Most biographical films, whether they focus on a single episode or a whole life, fail to live up to the person whom they are about. Jackie does not. With a presumptuous approach, the movie dares to show Jackie not just in a warts-and-all way, but to emphasize that Jackie was obsessed with effacing those warts. Director Pablo Larraín, working with DP Stéphane Fontaine, presents his vision in 35 mm/1.66:1 ratio, which, combined with roving camera work, static well-blocked shots, and intense close-ups, creates a unique look that, blended with Mica Levi’s occasionally repetitive but melancholy and dreadful score, creates a transfixing atmosphere. Though her features are not as broad as the real Jackie’s, Natalie Portman gives an outstanding performance, as does John Hurt, who plays her clear-eyed priest/confidant. Framed by an interview Jackie gave to Life magazine, the script, written by Noah Oppenheim, is full of smart dialogue that underscores Jackie’s bitterness, her insecurity, and her selfishness. What’s most surprising is that, despite being a pathetic narrative, Jackie is not a downer because it doesn’t ask for pity; the main character is not weak. You could say that, given the way the movie ends, it seems to buy into all the fairy tales it rejects, but Larraín’s intention is to celebrate life, regardless of the façade, rather than wallow in sadness. And he celebrates with verve.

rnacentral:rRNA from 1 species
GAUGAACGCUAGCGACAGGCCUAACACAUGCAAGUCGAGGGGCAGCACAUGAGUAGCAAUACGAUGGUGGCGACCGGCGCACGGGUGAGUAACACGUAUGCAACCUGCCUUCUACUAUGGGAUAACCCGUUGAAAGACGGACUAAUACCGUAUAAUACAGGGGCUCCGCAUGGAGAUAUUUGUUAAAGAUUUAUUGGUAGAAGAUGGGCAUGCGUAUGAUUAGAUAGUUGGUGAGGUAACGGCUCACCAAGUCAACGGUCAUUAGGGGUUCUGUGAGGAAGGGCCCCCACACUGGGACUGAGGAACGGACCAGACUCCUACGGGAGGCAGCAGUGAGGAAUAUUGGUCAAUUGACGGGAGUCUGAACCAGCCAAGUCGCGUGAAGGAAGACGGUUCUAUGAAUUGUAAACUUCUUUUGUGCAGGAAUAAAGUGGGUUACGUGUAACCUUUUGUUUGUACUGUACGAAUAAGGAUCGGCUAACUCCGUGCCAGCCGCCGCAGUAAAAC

By Alec Julian & Carrie White